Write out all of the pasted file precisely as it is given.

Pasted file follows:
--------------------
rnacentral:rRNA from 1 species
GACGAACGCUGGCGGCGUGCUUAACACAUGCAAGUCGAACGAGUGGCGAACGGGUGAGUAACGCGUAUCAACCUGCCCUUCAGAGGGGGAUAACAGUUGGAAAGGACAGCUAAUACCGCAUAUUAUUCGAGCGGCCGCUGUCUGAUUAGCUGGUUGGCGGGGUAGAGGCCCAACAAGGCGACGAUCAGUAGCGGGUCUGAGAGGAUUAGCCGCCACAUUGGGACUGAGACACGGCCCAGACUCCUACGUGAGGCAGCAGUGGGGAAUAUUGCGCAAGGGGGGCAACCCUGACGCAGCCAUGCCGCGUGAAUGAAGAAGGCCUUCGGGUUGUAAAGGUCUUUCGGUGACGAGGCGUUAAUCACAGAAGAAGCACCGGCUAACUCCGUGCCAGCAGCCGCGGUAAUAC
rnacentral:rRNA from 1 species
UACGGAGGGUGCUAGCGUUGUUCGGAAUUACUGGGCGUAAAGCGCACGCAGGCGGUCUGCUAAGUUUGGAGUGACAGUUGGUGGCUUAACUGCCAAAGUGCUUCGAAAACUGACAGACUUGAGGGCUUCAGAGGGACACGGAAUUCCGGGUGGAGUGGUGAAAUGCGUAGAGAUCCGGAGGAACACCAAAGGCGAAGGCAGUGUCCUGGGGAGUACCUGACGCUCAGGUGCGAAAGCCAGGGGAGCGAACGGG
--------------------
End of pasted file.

rnacentral:rRNA from 1 species
GACGAACGCUGGCGGCGUGCUUAACACAUGCAAGUCGAACGAGUGGCGAACGGGUGAGUAACGCGUAUCAACCUGCCCUUCAGAGGGGGAUAACAGUUGGAAAGGACAGCUAAUACCGCAUAUUAUUCGAGCGGCCGCUGUCUGAUUAGCUGGUUGGCGGGGUAGAGGCCCAACAAGGCGACGAUCAGUAGCGGGUCUGAGAGGAUUAGCCGCCACAUUGGGACUGAGACACGGCCCAGACUCCUACGUGAGGCAGCAGUGGGGAAUAUUGCGCAAGGGGGGCAACCCUGACGCAGCCAUGCCGCGUGAAUGAAGAAGGCCUUCGGGUUGUAAAGGUCUUUCGGUGACGAGGCGUUAAUCACAGAAGAAGCACCGGCUAACUCCGUGCCAGCAGCCGCGGUAAUAC
rnacentral:rRNA from 1 species
UACGGAGGGUGCUAGCGUUGUUCGGAAUUACUGGGCGUAAAGCGCACGCAGGCGGUCUGCUAAGUUUGGAGUGACAGUUGGUGGCUUAACUGCCAAAGUGCUUCGAAAACUGACAGACUUGAGGGCUUCAGAGGGACACGGAAUUCCGGGUGGAGUGGUGAAAUGCGUAGAGAUCCGGAGGAACACCAAAGGCGAAGGCAGUGUCCUGGGGAGUACCUGACGCUCAGGUGCGAAAGCCAGGGGAGCGAACGGG